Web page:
So let’s recap. It appears that Topics will: a) seriously degrade targeting; b) quite possibly frustrate frequency capping and also c) substantially constrain measurement.
Given the above, it would seem that in a competitive market, there would be substantial downward pressure on pricing for Topics-based ad buys. Should this happen then it seems reasonable to assume that Google will prioritize its own economics first, then focus on those of publishers before dealing with ad tech vendors, said Gartner analyst Eric Schmitt.
“It may conclude that while reducing (perhaps modestly) the fees associated with Ad Manager, AdSense and AdX will put a small drag on its own economics (priority number one), it will go a long way towards preserving relationships with publishers and inventory suppliers (priority number two), and ultimately it will be independent ad tech vendors that suffer the most,” he continued.
It’s not hard to see how in this hypothetical scenario the first casualty of the media cost savings that advertisers will be looking for will be the fees associated with cookie-based targeting, data management and processing, including identity resolution/onboarding, measurement, and attribution. Much of this work is provided by independent ad tech vendors.
“My sense is that they are the ones who will feel the squeeze first,” said Schmitt. “Demand-side platforms and supply-side platforms will also presumably come under pressure, as the (cookie-based) bidstream dries up, as the simpler, Topics-based model facilitates more direct buys between advertisers and publishers.”
How does Topics gel with Google’s recent moves towards greater control over user privacy?
It certainly appears to keep Google in the driver’s seat when it comes to managing user privacy on the Chrome platform, as opposed to making Chrome into a neutral offering that respects user privacy by default, said Rose.
It may even be enough to ameliorate some of the antitrust concerns leveled at the company recently, especially the more than a dozen state attorneys general in the U.S. , led by Texas AG Ken Patton — concerns that were stoked by ethics researchers last year as the potential discriminatory and harmful impacts of FLoC came to light. Indeed, Topics grants an ability for users to be a bit more anonymous, with only 350 potential topic categories, which is in direct response to the feedback Google received about FLoC.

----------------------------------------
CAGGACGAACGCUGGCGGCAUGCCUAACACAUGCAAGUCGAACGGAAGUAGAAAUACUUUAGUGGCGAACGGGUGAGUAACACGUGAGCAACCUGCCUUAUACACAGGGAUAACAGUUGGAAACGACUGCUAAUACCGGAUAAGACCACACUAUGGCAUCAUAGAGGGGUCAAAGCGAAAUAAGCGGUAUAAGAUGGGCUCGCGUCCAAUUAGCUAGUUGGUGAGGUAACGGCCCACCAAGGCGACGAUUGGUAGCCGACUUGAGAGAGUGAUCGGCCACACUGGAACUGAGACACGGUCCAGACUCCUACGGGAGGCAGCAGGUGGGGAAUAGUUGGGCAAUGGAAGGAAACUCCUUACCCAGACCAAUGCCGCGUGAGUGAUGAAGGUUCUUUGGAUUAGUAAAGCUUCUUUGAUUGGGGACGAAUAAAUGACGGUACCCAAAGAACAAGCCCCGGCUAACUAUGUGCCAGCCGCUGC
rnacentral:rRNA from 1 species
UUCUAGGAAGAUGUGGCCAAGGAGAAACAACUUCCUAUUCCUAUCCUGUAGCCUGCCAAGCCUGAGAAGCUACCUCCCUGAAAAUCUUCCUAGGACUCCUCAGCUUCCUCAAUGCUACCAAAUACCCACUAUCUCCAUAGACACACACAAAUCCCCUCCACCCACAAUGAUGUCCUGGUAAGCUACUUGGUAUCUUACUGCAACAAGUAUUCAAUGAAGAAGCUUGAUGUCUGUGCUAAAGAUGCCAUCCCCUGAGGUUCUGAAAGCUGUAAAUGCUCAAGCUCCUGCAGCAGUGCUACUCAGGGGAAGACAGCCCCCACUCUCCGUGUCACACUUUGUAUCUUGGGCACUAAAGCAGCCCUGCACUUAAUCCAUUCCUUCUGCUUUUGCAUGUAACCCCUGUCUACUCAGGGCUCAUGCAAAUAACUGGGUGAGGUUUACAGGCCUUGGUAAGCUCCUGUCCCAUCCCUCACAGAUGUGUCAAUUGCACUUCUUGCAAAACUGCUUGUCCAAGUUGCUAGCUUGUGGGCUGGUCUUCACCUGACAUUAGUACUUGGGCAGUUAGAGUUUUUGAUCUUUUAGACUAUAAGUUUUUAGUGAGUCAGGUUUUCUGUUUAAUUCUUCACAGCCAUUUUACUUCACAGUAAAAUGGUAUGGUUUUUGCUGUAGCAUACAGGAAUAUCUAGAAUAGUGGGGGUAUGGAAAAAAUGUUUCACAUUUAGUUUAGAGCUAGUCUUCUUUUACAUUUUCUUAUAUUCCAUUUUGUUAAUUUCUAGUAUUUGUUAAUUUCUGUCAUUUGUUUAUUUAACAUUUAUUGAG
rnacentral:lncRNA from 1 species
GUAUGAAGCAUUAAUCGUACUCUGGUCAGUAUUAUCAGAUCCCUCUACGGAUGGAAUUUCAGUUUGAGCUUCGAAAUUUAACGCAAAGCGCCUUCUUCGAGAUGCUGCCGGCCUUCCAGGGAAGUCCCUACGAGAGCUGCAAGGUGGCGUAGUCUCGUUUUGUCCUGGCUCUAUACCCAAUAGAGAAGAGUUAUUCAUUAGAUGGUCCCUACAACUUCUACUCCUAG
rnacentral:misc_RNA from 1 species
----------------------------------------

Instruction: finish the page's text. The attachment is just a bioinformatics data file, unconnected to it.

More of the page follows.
That said, questions remain over how easy it will be for consumers to enable or opt out of those settings. Google was at pains to stress the “transparency and control” people will get via Topics, which sounds great in theory. It could also be a vague way of saying this is something that people will have to opt out of, which most don’t do even when they don’t particularly like being tracked.
Is it enough to impress publishers?
Not quite. Google must be clearer about Topics’ controls and value proposition for publishers is the overwhelming initial response to it from that part of the market.
Epsilon’s Rose expanded on the point: “This still seems like a recipe for taking data from valuable publishers and allowing it to be used to deliver advertising on other publishers, which will incentivise publishers with the most valuable inventory to opt out — assuming that Google makes it possible for them to do so.”
In other words, publishers don’t see Topics as an improvement, but rather a change. The ultimate purpose of the update is the same as ever for Google. Which is to say it wants to impose a new model in the value chain at the operator level.
As explained by a chief digital officer at a publisher in Europe: “Google always considers that user’s data are the advertisers property, but the reality is that the users, in fact, the audience is the property of the editors, and the navigator has no rights to impose a model on the editor,” the exec continued on condition of anonymity because they did not want to be seen to be openly critiquing Google. “Floc or Topics, means cohorts or individual user — it does not change a lot for the editors,